What is the First Time Home Buyers Incentive
The "First time home buyers incentive" (FTHBI) is often confused with the "Home Buyers Plan" (HBP) but they could not be more different. To find out about the HBP check out this.
tldr; HBP is a loan from yourself (via your RRSP) and FTHBP is a loan from the government.
How the FTHBI works
The FTHBI is a program introduced in 2019 allows first time buyers the option to take a 0% interest no-payment loan from the government which will go directly toward paying down your mortgage. This loan must be paid back within 25 years or if the property is sold (whichever comes first). While their is no "interest" the repayment amount is directly proportional to the fair market value of the house, so as the house goes up or down so does the repayment amount.
For example if you bought a $300,000 property and were eligible for the FTHBI you could get a $15,000 interest free loan from the government (5% of the purchase price of resale homes and up to 10% on new builds) which will go toward the downpayment and reduce the mortgage amount. At any point after possession you can repay this loan in full, the repayment amount will be 5% of the market value of the home at time of repayment. So if you waited the full 25 years and your property appreciated to $400,000 your repayment amount would have increased from $15,000 to $20,000.
Eligibility and Restrictions
- You or your partner must be a first time home owner
- Your total income cannot exceed $120,000 ($150,000 for Toronto, Victoria, and Vancouver)
- Your total borrowing is no more then 4x your income
- You still must come up with the minimum down payment in cash
So if Bob and Alice made $100,000 combined in Ottawa, Ontario and were interested in buying a new build for $400,000 they would need to have $20,000 for the 5% downpayment but you could get $20,000 - 40,000 as part of the FTHBI.
Benefits of FTHBI
- Less likely to default on your mortgage.
Unexpected things happen in life and the FTHBI would reduce the minimum mortgage payment by up to 10% providing a buffer if money gets tight.
- Ability to save more agressively for retirment.
While we have seen huge growth in the Canadian housing market its important to have a diversified portfolio for retirment. The FTHBI frees up some cash each month for you to invest in your TFSA or RRSP which could grow more in 25 years then the home equity would.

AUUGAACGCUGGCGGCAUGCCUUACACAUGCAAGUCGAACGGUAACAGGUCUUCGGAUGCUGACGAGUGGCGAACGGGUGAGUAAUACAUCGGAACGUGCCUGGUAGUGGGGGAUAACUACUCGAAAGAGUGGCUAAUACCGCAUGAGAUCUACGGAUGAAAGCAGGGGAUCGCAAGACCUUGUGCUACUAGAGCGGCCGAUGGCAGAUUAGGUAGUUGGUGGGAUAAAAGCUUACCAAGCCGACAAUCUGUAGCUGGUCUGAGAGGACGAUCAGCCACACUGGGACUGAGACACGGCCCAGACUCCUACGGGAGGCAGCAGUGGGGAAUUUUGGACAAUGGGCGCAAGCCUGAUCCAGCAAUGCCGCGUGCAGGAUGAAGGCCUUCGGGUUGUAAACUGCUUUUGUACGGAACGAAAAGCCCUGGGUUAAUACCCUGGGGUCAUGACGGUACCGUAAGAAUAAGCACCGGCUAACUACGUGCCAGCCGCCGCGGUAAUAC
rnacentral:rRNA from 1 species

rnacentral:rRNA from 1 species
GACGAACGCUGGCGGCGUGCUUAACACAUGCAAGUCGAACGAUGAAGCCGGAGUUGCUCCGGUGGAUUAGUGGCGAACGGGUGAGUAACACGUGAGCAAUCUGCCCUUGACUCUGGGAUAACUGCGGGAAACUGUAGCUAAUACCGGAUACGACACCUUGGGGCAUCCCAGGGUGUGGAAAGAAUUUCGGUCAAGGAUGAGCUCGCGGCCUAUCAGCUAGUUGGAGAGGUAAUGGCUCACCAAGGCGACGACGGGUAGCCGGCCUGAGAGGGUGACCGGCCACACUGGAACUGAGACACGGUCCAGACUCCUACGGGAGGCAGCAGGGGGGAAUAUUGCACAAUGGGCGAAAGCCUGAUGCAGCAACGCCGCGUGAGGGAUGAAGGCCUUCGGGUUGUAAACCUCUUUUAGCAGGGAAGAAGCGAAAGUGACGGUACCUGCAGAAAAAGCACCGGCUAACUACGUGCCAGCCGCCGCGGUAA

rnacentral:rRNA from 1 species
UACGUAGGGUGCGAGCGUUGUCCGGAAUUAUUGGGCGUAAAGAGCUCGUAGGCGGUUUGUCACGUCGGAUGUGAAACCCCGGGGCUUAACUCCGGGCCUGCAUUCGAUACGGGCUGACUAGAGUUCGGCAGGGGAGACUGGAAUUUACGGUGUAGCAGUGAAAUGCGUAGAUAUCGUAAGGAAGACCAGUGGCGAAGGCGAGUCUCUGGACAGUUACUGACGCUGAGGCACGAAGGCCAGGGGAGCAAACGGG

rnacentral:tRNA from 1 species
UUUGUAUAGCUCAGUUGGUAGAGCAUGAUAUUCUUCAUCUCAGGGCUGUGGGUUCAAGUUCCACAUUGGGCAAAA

- Creates a hedge against the housing market.
We all want our homes to go up in value but in the case they don't this could reduce the risk that you and your partner are overstretching yourselves and being underwater on a mortgage. If house prices skyrocket your golden cause you still hold 90% of your equity but if they stagnate or are lower then inflation the FTHBI splits that loss between you and the government.
In the above example if Bob and Alice had a 2% mortgage with a 25 year amortization then using the FTHBI would reduce their monthly payments from $1,673 to $1,497 ($176/month) and save them tens of thousands of dollars in mortgage interest over the 25 years.
Criticism of the FTHBI
- Giving the government a 10% stake in your house is stupid
Given the 40 year growth of the Canadian housing market I can understand where people are coming from with this. For many folks they believe the housing market only goes up and so giving up 10% of a sure investment seems illogical. Ill leave this you you to decide what you think.
- 4x your income is too low for most house hunters
The large cities where many Canadians live require taking on mortgage debt that is 5-10x your annual income. Limiting this incentive to 4x effecively makes most Canadians ineligible for this incentive.
- $120,000 is too low (partially addressed) for many cities
In March 2021 the program was altered to that folks in Toronto, Victoria, and Vancouver would be eligible for the incentive if they make up to $150,000 but there are many cities which there are strong arguments for increasing the income cap aswell. Ottawa for example has many dual income government couples making $120,000-$150,000 and with large house price increases they are getting priced out of the market.
The FTHBI is a fantastic tool for many Canadians that feel like they may be priced out of the housing market or fear that they will need to overstretch themselves to afford a home but for many people in larger cities it isn't something they can take advantage of due to the relatively low limits in place. Personally I would have used this incentive when buying my home if I could but unfortunately housing prices in Ottawa have increased so much in the pandemic that most houses are priced over the 4x limit.